Germany and France support Kurti, the US welcomes the vote of no-confidence motion against the government

Vlada Kosova
The differences in the Western diplomats’ views on the fate of the Kosovo government, which was formed less than two months ago, have come to the fore. While Germany and France oppose tomorrow’s session of the Kosovo Assembly to recall the Albin Kurti-led government, emphasizing that the Belgrade-Pristina dispute is a European issue, the US welcomed the initiative to vote on a no-confidence motion against the government.

Ambassadors from Germany and France sent a joint demarche from Pristina yesterday, urging the LDK to waive the no-confidence motion against the government of Albin Kurti. They also conveyed the concern of Berlin and Paris over the current situation in Kosovo.

Later in the day, the foreign ministries of these two leading EU countries reacted to the current situation in Kosovo with a joint statement:

“France and Germany are concerned about the political situation in Kosovo at a time when political unity is necessary to face the COVID-19 crisis. Kosovo needs a stable and fully functioning government to deal with this crisis. Therefore, we urge that the vote of no-confidence in the Government be reconsidered or postponed.”

They recalled the support they gave to the Kosovo government in the fight against corruption and fostering socio-economic development, noting that they are also ready to increase their concrete support to Kosovo in these areas.

The joint statement also addressed the issue of dialogue between Belgrade and Pristina, noting that it is necessary to wait for the conditions to be created and that this is a European issue, while Europe will continue to coordinate with the US.

“Regarding relations between Kosovo and Serbia, we expect both parties to take the necessary steps to remove the obstacles to the resumption of the dialogue. We welcome Prime Minister Kurti’s intention to restart the dialogue with Serbia and to involve all stakeholders in order that Kosovo speak with one voice. The decision taken by the Kosovo Government on 20th March to lift the 100% tariff on raw materials is an important first step in the right direction. We expect that the tariffs will be fully suspended from the 1st April, and we expect Serbia to do its share of the efforts.”

“When conditions are met for the resumption of the Dialogue, and the COVID-19 crisis is overcome, President Macron and Chancellor Merkel plan to host a Summit in Paris, with the participation of both parties’ leaders and High Representative Burrell,” the statement read.

“The dispute between Serbia and Kosovo is a European security matter, therefore the European Union will continue to lead the facilitation efforts as soon as both parties agree to restart their talks. Coordination with our partners, in particular the United States, will be pursued. The objective of the dialogue must remain the full normalization of relations between Kosovo and Serbia through a comprehensive, final and legally binding agreement. Achieving this objective is a condition for both parties in order to join the European Union.”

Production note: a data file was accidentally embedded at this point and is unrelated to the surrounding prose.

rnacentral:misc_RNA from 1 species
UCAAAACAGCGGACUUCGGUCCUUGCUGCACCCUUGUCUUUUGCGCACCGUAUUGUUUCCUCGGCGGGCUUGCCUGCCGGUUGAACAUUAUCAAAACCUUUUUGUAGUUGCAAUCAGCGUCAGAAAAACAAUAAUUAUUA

On the other hand, in a significantly shorter statement, the US Embassy in Pristina underlined that they were „pleased“ that the assembly would hold a no-confidence session tomorrow.

“Pleased to see the Assembly will hold a session on the no-confidence vote tomorrow. As I told the PM today, it is important for the Assembly and all Kosovo institutions to respect the Constitution,” US ambassador to Pristina, Philip Kosnett tweeted last night. The identical message was soon sent by the US embassy in Pristina, while Kosnett’s tweet was also retweeted by the US Special Envoy for the Belgrade-Pristina dialogue, Richard Grenell.

The session of the Kosovo Assembly to vote on the LDK’s no-confidence motion against Kurti’s government will be held today at 11 a.m., although there are no conditions for it, Kosovo Assembly Speaker, Vjosa Osmani announced at a media conference. Osmani, who is also a member of the LDK party, has so far, along with two other members of this party, opposed the no confidence vote.

An esteemed constitutional law professor, Enver Hasani said in an interview with KoSSev that although he could not predict the outcome of tomorrow’s session, he believes that „everyone agrees Kurti should be dismissed and that he is now alone.“ Hasani also said that the legitimacy of the Self-Determination party is much higher, as is the legitimacy of Vjosa Osmani, although she is dependent on the party.

If the no-confidence motion passes, the current government will be one with the shortest terms so far, less than two months, despite the convincing victory of the Self-determination party and its coalition partner LDK. Since the end of the elections in October last year, the relations between the two parties were marked with disagreements and intolerance even when they succeeded in forming a government following almost three months of negotiations. Srpska Lista, who has been mostly sitting on the sidelines, is also part of the government.

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